These works are part of the current exhibit Seeing Race Before Race, which explores the roots of race from the Middle Ages to 1800s.
These works are part of the current exhibit “Seeing Race Before Race,” which explores the roots of race from the Middle Ages to 1800s.
Una Cleary

An evolving history: The Newberry Library welcomes patrons to community built on service

Much like Jennifer Fastwolf’s favorite novels, the Newberry is like a good read: She just can’t seem to put it down.        

“Never mind that our buildings are legendary. This huge, incredible effort of bringing Newberry into the modern world is a never-ending thing for us — and it’s exciting to be here at this moment,” said Fastwolf, the library’s bookshop manager.

Poised at the north end of Washington Square Park, the library sits ready for all who step into this scholarly palace. Welcoming visitors with marbled floors and a rustic oak interior, its refined architecture somehow follows second to its communal foundations.

Remnants of a pre-technology library fill its walls with an old printing press, account books and more. (Una Cleary)

“We’re open to the public, and that’s a really easy part of who we are as an institution,” said Rebecca Haynes, manager of volunteers at the Newberry. “Something I really love about working here is when somebody comes in and says, ‘Can I get tickets to go in an exhibit?’ or ‘What will it cost to look at my genealogy here?’ I can say ‘Nothing. It’s free.’”

The Newberry serves Chicago and world history through its vast catalog of stories spanning centuries at a time, making it just one sample of the many offerings available to library patrons.

Readers can explore research rooms, rotating exhibitions, scholarly seminars and tours galore as the Newberry grows its framework of creativity. Yet, scholars from within are still finding ways to improve on this evolving story.

For Bob Dolgan, director of communications at the Newberry, his history is only a book away.

“People can come in and research their family histories and they can look for reference right from our collections,” Dolgan said. “I asked questions about my own personal history and right away was directed to our own sources.”

Pulling on the thread of history, a collection of historic texts invites guests to sleuth for their own backgrounds. With centuries of material flooding the library’s halls, this collection only continues to expand.

Housed under an academic umbrella, “1.6 million books, 600,000 maps and 1,300 distinct archival collections,” lie amongst the library’s many shelves, according to Newberry’s website.

However, with changing times, the need to adapt became evident for the survival of the building and the knowledge it wielded. Amid a national shortage in library attendance, as the American Enterprise Institute reported, stifled patronage has turned the tide on how content is channeled.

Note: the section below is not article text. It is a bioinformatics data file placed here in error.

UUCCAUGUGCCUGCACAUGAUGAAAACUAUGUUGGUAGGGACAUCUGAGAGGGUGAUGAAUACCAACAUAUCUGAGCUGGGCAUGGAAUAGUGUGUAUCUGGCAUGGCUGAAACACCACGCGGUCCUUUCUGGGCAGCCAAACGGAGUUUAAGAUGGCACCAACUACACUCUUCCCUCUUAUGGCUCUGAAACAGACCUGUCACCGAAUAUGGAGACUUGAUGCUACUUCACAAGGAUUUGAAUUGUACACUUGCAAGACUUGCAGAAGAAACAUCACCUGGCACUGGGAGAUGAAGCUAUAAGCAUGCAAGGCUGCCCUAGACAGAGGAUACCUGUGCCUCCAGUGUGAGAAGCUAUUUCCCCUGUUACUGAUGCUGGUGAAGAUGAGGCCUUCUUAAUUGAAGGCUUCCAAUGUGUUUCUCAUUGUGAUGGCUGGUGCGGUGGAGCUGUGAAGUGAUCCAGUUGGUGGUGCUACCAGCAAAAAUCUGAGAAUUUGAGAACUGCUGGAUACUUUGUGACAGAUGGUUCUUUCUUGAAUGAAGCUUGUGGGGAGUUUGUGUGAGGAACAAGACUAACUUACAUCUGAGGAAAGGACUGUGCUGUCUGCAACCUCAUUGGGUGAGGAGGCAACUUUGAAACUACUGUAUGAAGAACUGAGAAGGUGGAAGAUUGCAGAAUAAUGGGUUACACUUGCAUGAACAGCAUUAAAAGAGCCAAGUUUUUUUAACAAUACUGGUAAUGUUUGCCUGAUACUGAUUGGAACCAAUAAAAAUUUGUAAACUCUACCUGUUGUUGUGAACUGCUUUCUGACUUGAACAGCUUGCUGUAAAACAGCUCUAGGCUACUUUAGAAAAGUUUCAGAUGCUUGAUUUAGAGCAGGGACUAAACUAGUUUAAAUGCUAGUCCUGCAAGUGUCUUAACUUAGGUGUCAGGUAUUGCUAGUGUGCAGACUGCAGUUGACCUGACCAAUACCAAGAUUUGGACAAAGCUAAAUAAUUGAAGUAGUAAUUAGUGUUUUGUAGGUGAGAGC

A 2021 national survey from the American Library Association noted that more than 90% of U.S. public libraries have made the switch to virtual. Following the crowd, the Newberry has taken note of this demand for digital content.

After years spent translating its dense collection to the web, the library now has tens of thousands of digital offerings.

However, converting all that content has been a lot of work. For those part of the Newberry, it is an act that has served the space’s mission in more ways than one.

“Cultivating a community where (readers) feel welcomed, engaged, and excited to be here and that their contribution is meaningful, that’s important to me,” Haynes said.

With a push made outward to influence the work done inside, outreach for support has been a necessity. From teens to older adults, many have joined in on forging the institution’s ideal experience.

Bookshop clerks, desk duty at the welcome center, or even tour guides can be composed of volunteers, all choosing to put their time toward the Newberry and its growing brand. The benefit is a place of knowledge continues to stand, valuing the flow of history and the truth it contains.

On an academic front, the library sees value in the old and the new, with ideas of tomorrow sourced by the minds of today.

Maps dating back to 1800s are among many of the collections the Newberry holds. Subjects span from American culture, religion, and Chicago history. (Una Cleary)

“The most exciting thing is to see the shift of a greater diversity within our scholarship,” Fastwolf said. “Unquestionably, seeing the institute work so hard to bring younger and less hidebound scholars in is incredibly exciting from my perspective.”

Fresh ideas and a new structure propose a complete remodel for the Newberry. This involves the 2018 renovation that modernized the library’s first floor and the selection of a revitalized staff, both aiming to bring a sense of newness.\

However, as young scholars work with historical ideas, addressing present challenges becomes crucial for paving the way to the future. Haynes believes the initial responsibility lies with those who enter the Newberry. To engage with its ever-evolving collection and space, participants should be open to continuous learning, fostering a diverse and dynamic community.

“We’ve made ourselves more accessible, made it easier to talk to our staff, made our exhibits more engaging, but what can you do in terms of outreach,” Haynes said. “With people less willing to go out to the library, embracing an audience culturally, racially, alongside sexual and gender identities, makes sure this building is reflective of Chicago.

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